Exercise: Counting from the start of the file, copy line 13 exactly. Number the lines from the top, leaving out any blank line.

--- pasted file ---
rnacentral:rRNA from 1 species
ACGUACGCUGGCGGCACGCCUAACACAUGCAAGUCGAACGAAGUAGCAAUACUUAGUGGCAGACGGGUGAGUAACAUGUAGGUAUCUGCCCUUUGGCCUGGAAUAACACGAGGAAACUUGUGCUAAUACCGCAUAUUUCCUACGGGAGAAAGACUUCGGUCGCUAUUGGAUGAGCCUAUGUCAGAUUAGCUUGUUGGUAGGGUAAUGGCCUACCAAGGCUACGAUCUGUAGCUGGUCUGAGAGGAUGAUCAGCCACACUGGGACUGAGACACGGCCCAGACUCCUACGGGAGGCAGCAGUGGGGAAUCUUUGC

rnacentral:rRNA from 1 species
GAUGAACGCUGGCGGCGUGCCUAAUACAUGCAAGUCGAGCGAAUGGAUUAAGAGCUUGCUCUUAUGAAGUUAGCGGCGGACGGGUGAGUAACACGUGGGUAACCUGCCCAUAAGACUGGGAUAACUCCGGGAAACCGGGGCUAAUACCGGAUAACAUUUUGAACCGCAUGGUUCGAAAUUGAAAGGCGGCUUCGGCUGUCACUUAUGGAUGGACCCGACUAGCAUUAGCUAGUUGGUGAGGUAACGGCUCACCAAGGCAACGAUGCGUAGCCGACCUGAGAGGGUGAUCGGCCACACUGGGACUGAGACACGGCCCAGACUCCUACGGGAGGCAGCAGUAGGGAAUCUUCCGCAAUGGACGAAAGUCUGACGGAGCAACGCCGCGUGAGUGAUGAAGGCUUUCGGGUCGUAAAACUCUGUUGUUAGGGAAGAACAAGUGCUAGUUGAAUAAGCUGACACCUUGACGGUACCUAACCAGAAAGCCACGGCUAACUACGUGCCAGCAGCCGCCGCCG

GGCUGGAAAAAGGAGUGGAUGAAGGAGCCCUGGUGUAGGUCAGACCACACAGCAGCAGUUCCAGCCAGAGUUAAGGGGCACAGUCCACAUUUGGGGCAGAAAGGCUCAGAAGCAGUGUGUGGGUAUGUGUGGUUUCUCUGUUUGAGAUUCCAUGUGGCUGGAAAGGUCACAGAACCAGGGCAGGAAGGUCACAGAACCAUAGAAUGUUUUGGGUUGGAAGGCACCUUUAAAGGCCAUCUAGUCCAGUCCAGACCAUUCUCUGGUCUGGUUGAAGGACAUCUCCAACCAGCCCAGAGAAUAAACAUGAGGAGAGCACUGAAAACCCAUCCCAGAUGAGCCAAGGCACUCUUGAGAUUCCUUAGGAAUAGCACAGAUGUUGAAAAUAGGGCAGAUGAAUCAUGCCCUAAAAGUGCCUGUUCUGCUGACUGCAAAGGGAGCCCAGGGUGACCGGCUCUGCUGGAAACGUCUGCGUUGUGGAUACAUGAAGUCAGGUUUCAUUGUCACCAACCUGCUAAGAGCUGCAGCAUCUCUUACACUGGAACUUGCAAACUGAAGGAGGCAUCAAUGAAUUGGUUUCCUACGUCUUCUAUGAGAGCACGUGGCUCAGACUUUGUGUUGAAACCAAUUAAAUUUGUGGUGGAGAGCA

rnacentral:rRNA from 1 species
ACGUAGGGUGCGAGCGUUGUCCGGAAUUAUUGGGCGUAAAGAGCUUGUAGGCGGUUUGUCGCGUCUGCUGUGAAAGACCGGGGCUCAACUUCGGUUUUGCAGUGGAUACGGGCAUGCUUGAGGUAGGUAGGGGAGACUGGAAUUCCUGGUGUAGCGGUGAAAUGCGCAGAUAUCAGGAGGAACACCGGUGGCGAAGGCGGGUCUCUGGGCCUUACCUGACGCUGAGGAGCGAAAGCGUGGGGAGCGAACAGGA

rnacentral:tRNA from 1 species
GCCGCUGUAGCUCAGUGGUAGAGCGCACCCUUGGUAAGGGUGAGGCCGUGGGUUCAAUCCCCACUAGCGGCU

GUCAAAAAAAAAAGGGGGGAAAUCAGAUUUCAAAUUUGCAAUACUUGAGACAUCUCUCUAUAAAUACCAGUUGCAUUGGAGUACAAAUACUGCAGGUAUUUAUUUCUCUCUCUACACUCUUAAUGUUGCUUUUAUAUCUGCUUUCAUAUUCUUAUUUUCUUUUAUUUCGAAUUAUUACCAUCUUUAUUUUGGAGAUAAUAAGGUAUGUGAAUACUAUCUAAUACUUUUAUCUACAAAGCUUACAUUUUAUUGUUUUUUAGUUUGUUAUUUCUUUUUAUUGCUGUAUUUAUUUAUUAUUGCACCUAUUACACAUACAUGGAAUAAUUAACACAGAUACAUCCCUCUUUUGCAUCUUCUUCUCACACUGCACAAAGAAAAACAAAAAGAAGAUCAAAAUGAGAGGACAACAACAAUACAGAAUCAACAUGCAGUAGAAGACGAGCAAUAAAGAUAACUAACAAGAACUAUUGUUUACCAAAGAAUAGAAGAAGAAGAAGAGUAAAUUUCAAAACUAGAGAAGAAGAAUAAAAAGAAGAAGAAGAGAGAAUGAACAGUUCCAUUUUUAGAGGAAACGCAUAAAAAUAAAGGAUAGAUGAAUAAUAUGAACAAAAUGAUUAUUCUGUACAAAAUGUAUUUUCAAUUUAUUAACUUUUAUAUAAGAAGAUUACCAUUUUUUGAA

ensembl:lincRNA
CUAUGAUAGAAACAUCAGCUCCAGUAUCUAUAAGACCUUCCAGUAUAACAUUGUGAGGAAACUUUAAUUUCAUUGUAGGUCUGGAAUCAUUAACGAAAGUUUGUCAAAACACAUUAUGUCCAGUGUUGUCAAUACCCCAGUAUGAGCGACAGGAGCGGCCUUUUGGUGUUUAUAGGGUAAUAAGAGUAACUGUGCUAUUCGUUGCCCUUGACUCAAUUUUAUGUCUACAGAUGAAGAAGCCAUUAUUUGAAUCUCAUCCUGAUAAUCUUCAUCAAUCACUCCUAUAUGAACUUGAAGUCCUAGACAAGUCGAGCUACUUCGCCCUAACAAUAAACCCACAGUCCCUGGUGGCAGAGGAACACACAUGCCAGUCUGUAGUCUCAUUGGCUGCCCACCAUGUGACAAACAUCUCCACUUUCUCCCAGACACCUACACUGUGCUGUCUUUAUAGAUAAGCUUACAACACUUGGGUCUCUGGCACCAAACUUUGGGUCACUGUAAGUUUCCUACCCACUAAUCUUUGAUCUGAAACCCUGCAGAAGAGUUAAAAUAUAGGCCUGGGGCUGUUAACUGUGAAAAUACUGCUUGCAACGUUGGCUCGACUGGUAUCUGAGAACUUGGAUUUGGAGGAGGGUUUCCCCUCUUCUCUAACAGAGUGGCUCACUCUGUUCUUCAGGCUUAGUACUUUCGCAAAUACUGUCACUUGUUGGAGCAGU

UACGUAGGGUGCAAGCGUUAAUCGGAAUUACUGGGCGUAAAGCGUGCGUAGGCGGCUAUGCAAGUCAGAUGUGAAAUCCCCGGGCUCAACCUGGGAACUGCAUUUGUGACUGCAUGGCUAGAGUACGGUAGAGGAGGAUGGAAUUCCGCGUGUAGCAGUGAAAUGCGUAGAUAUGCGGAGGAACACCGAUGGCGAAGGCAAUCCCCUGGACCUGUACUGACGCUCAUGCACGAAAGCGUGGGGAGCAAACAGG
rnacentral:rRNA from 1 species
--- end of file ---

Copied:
UACGUAGGGUGCAAGCGUUAAUCGGAAUUACUGGGCGUAAAGCGUGCGUAGGCGGCUAUGCAAGUCAGAUGUGAAAUCCCCGGGCUCAACCUGGGAACUGCAUUUGUGACUGCAUGGCUAGAGUACGGUAGAGGAGGAUGGAAUUCCGCGUGUAGCAGUGAAAUGCGUAGAUAUGCGGAGGAACACCGAUGGCGAAGGCAAUCCCCUGGACCUGUACUGACGCUCAUGCACGAAAGCGUGGGGAGCAAACAGG